Showing posts from October 17, 2010

More urban juvenile Cooper's pics

The top pic shows the brown markings on the lower belly, flanks and leg feathers.
The middle pic gives a good view of the brown tail with wide black bands and some of the dark brown upperparts.
Interestingly there was an adult Cooper's nearby and these two occupied nearby perches without conflict. I suspect the juvenile is the offspring of the adult bird (pretty wary so I didn't get any pics of it) though it seems unusual for them to be together this many months after fledging. SeEtta

Another Cooper's but this time an urban hawk

This juvenile Cooper's Hawk was looking for a bite, or two, to eat at the City Park pond in Pueblo, CO. Clearly different appearing from the adult Cooper's I posted earlier, this juvenile is an example of the 'heavily streaked type' described by Brian Wheeler in Raptors of Western North America which is "much more heavily densely and heavily streaked than on typical juveniles."
Dark brown streaks are visible over the breast and belly with some brown markings on lower belly and flanks that look diamond shaped and even some that look like they are heart shaped. And there are dark brown markings on it's leg feathers but I can't discern their shape (could be heart or diamond shaped or bars per Wheeler). More pics to come. SeEtta

Exuberant bather

This is from the group of bathing Baird's Sandpipers I saw at Lake Henry I posted earlier. I was not kidding when I said that they were exuberant bathers-check out the large drops of water on the back of the bird in the top pic (it is best seen by clicking on the pic to enlarge it). SeEtta

More Cooper's Hawk pics

Field marks are shown in these pics including the large head (relative to the body), long tail (clearly very long on this bird), long tarsi (bare part of legs), tail feathers longest in center then proportionally shorter as they move to outside, tail pale gray banded with broad black bands with a broad white terminal band.
Adult field marks also quite evident: dark grey crown, nape and auriculars paler grey, remainder of upper parts bluish/medium gray and underparts white with rufous barring. I believe this is a female as it has rufous auriculars. Double-click on each pic to enlarge them for close-up viewing. SeEtta

Handsome Cooper's

This is one of the two Cooper's Hawks I saw perched on the ground near a stock pond in Crowley County,CO day before yesterday. There were no trees nearby but this is (or was before it was converted to agricultural fields) grassland. Though I stopped by car well over a hundred feet away, both hawks flushed (likely because they get shot at a lot here) and this one landed in this narrow row of trees along a ditch that must get a lot of irrigation run-off as it had a lot of vegetation and clearly enough water to support the trees. SeEtta

Western Red-tailed Hawk possibly with some Harlan's features

I found this Red-tailed Hawk near the small town of Ordway, CO. Though it appears to be a Western (caluru) subspecies it has some features found in Harlan's (harlani including a light supercilium and whitish color below and right behind the eye. It is necessary to enlarge this photo by clicking on it to see these details. It's tail also looks more like one found on Harlan's hawks. SeEtta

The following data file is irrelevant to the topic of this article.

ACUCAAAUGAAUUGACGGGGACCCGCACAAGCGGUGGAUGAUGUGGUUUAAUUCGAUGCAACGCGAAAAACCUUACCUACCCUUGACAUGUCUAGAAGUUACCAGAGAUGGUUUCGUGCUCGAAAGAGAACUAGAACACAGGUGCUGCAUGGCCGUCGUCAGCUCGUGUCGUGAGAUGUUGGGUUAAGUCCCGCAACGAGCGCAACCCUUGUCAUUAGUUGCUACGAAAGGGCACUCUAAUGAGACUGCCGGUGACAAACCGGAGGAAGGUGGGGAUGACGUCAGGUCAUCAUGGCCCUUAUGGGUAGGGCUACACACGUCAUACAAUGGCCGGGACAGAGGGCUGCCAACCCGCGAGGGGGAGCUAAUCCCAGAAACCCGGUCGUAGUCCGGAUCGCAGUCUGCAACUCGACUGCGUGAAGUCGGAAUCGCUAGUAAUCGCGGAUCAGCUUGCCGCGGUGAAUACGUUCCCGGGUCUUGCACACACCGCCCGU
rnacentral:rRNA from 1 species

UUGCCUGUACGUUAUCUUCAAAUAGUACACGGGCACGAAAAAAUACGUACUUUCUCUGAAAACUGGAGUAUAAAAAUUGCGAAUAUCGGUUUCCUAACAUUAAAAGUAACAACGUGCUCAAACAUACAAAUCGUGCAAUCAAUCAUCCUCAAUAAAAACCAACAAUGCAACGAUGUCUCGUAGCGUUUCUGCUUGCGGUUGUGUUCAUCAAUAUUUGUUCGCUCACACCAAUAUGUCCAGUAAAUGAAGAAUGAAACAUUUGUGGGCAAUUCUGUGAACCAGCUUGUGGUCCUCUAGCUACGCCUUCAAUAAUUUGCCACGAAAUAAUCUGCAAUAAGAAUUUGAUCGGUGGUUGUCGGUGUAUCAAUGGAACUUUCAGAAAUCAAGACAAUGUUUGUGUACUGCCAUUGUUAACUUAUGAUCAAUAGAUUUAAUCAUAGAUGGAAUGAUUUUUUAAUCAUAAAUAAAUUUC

Baird's Sandpipers, bath time

These were some of the Baird's Sandpipers I saw along the shore of Lake Henry in southeast Colorado yesterday. It was apparently bath time as I watched several of them bathing for about 10 minutes. The sandpiper in the top pic had just finished bathing and was flapping it's wings to dry them. The bottom pic shows how vigorously these little sandpipers were in their bathing behavior. SeEtta

Crane Magic

I drove down to the La Junta,CO area today and was rewarded both by a gorgeous Indian summer day and some enjoyable birding including flocks of Sandhill Cranes at Lake Holbrook that are stopping over on their migration south.
There were a few hundred cranes on the ground and more flocks coming in near dusk in order to spend the night along the shore of this lake when I took these pics. SeEtta

'Walk on the Wild Side' video clip 2

This is another BBC ONE 'Walk on the Wild Side' video clips that I think are quite entertaining. Only problem is the British accents, but since it is a BBC thing I guess I can't complain. SeEtta

Winter drag Yellow-rumps

I saw these Yellow-rumped Warlbers a week ago in the Florence River Park in Florence,CO. They were part of a small flock feeding in Russian Olive trees. Most were in their winter (Basic) plumage as these were and all were of the Myrtle subspecies, which is fairly common along the Arkansas River corridor but not seen very often in other parts of Colorado. A few Yellow-rumps generally overwinter in the Canon City/Florence area as well as other areas further east along the Arkansas River. SeEtta

Also Bushtits

I found these little male Bushtits in a small flock in the same general area, in a dry wash, as the Williamson's Sapsuckers, near Canon City,CO.
These acrobatic little birds were feeding as shown in rabbit-brush, a wonderful native plant whose seeds are eaten by a number of bird species after it's blossoms that provide nectar for butterflies, moths, bees and other insects are gone. SeEtta